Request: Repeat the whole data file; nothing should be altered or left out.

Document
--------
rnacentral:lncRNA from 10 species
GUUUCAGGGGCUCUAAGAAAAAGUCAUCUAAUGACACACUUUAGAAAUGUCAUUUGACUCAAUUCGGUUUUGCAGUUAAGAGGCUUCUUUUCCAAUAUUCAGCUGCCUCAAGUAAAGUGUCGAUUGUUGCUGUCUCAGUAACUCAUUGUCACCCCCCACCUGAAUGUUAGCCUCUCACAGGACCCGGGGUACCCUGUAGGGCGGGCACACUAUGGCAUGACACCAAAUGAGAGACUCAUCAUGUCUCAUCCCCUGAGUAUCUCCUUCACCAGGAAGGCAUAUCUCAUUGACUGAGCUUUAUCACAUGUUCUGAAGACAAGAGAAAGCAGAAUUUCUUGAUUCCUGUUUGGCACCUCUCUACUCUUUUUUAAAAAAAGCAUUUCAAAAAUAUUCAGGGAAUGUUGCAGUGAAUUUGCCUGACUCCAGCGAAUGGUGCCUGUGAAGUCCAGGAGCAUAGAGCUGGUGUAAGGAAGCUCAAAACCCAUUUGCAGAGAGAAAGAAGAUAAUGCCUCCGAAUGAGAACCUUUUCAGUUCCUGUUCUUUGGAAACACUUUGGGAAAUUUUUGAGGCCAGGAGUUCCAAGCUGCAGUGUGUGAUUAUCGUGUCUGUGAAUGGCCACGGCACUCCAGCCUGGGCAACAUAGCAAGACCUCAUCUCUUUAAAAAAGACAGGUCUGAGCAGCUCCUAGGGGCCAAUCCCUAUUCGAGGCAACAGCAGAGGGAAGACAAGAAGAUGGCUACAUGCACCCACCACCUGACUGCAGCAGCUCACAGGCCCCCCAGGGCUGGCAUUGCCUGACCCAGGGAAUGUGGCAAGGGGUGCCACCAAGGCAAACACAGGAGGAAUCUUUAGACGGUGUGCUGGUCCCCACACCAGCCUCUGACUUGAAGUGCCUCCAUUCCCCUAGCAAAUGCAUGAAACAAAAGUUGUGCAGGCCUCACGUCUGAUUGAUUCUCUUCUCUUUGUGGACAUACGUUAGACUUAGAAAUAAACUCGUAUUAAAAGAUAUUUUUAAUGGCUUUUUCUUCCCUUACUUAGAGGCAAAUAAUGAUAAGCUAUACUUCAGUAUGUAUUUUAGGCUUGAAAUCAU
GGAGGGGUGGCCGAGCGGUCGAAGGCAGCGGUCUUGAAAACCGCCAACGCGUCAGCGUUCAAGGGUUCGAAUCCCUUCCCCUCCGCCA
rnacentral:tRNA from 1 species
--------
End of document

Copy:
rnacentral:lncRNA from 10 species
GUUUCAGGGGCUCUAAGAAAAAGUCAUCUAAUGACACACUUUAGAAAUGUCAUUUGACUCAAUUCGGUUUUGCAGUUAAGAGGCUUCUUUUCCAAUAUUCAGCUGCCUCAAGUAAAGUGUCGAUUGUUGCUGUCUCAGUAACUCAUUGUCACCCCCCACCUGAAUGUUAGCCUCUCACAGGACCCGGGGUACCCUGUAGGGCGGGCACACUAUGGCAUGACACCAAAUGAGAGACUCAUCAUGUCUCAUCCCCUGAGUAUCUCCUUCACCAGGAAGGCAUAUCUCAUUGACUGAGCUUUAUCACAUGUUCUGAAGACAAGAGAAAGCAGAAUUUCUUGAUUCCUGUUUGGCACCUCUCUACUCUUUUUUAAAAAAAGCAUUUCAAAAAUAUUCAGGGAAUGUUGCAGUGAAUUUGCCUGACUCCAGCGAAUGGUGCCUGUGAAGUCCAGGAGCAUAGAGCUGGUGUAAGGAAGCUCAAAACCCAUUUGCAGAGAGAAAGAAGAUAAUGCCUCCGAAUGAGAACCUUUUCAGUUCCUGUUCUUUGGAAACACUUUGGGAAAUUUUUGAGGCCAGGAGUUCCAAGCUGCAGUGUGUGAUUAUCGUGUCUGUGAAUGGCCACGGCACUCCAGCCUGGGCAACAUAGCAAGACCUCAUCUCUUUAAAAAAGACAGGUCUGAGCAGCUCCUAGGGGCCAAUCCCUAUUCGAGGCAACAGCAGAGGGAAGACAAGAAGAUGGCUACAUGCACCCACCACCUGACUGCAGCAGCUCACAGGCCCCCCAGGGCUGGCAUUGCCUGACCCAGGGAAUGUGGCAAGGGGUGCCACCAAGGCAAACACAGGAGGAAUCUUUAGACGGUGUGCUGGUCCCCACACCAGCCUCUGACUUGAAGUGCCUCCAUUCCCCUAGCAAAUGCAUGAAACAAAAGUUGUGCAGGCCUCACGUCUGAUUGAUUCUCUUCUCUUUGUGGACAUACGUUAGACUUAGAAAUAAACUCGUAUUAAAAGAUAUUUUUAAUGGCUUUUUCUUCCCUUACUUAGAGGCAAAUAAUGAUAAGCUAUACUUCAGUAUGUAUUUUAGGCUUGAAAUCAU
GGAGGGGUGGCCGAGCGGUCGAAGGCAGCGGUCUUGAAAACCGCCAACGCGUCAGCGUUCAAGGGUUCGAAUCCCUUCCCCUCCGCCA
rnacentral:tRNA from 1 species